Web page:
Dr. Sergio Attanasio
Therapeutic strategies to reduce hepatic proteotoxic mutant Z α1-antitrypsin
Background: A1AT deficiency (AATD) is an important genetic cause of liver disease. The majority of the affected patients carry the Z allele (ATZ). The spectrum of liver disease varies enormously and it includes asymptomatic states, fibrosis, cirrhosis and increased risk of hepatocellular carcinoma (HCC). Currently, there are no drug-based therapies for the liver disease and severely affected can only be treated with liver transplantation. Therefore, novel treatments are urgently needed. A1AT is an acute-phase protein and is upregulated by cytokines IL-6 and TNFα. In my preliminary studies, I found that Tnfα expression is increased in livers of the PiZ mice, a transgenic mouse model expressing human ATZ that ricapitulates tha human hepatic disease. Therefore, I hypothesize that TNFα upregulation aggravates ATZ-mediated liver injury by increasing SERPINA1 expression. Moreover, I found upregulation of the autophagy receptor p62. In addition, I found that p62 co-localizes and binds to ATZ. Inclusion bodies with p62 have been found in several proteinopathies. Moreover, p62 regulates liver tumorigenesis by activating multiple signalling pathways.
The main goal of my proposal is to test the efficacy of a FDA-approved anti-TNFα agent for therapy of liver disease induced by ATZ. I will also investigate the role of p62 in the pathogenesis of liver disease associated to AATD.
The proposed studies have the potential to provide a novel treatment for ATZ-related liver disease that could be rapidly translated into human applications because this approach is based on an already approved drug. Moreover, it has the potential to shed light on the mechanisms involved in ATZ accumulation and toxicity.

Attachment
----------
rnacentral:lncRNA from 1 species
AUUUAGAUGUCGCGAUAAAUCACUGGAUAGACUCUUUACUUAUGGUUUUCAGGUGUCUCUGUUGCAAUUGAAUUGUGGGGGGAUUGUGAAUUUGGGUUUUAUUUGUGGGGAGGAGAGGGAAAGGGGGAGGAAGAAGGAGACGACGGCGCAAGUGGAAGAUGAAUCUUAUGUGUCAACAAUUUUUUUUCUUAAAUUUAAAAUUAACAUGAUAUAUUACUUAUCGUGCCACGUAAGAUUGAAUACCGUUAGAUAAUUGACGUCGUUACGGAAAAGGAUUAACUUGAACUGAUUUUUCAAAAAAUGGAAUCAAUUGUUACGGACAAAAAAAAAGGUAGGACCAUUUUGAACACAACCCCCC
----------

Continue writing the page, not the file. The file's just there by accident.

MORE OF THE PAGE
Curriculum vitae Dr. Sergio Attanasio
Sergio graduaded with honors in Molecular Biology at the "Federico II" University of Naples, Italy. Then, he started his PhD at the Telethon Institute of Genetics and Medicine (TIGEM), Italy. The main topic of his research has been focused on the understanding of the molecular mechanisms involved in the pathogenesis of the liver disease induced by mutant Z alpha1 antitrypsin (Z-AAT) and to develop novel therapeutic strategies for this disorder. During his Ph.D., he found that c-Jun N-terminal kinase (JNK) is induced in livers by mutant Z-AAT. Moreover, he found that JNK inhibitors reduce hepatic accumulation of Z-AAT. He is currently III-year PhD student and he is expected to discuss his PhD thesis next October 2018.
His Project "Therapeutic strategies to reduce hepatic proteotoxic mutant Z α1-antitrypsin" aims to provide a novel therapeutic approach for treatment of liver disease associated to AATD and to investigate the molecular mechanisms underlying hepatocyte damage induced by ATZ.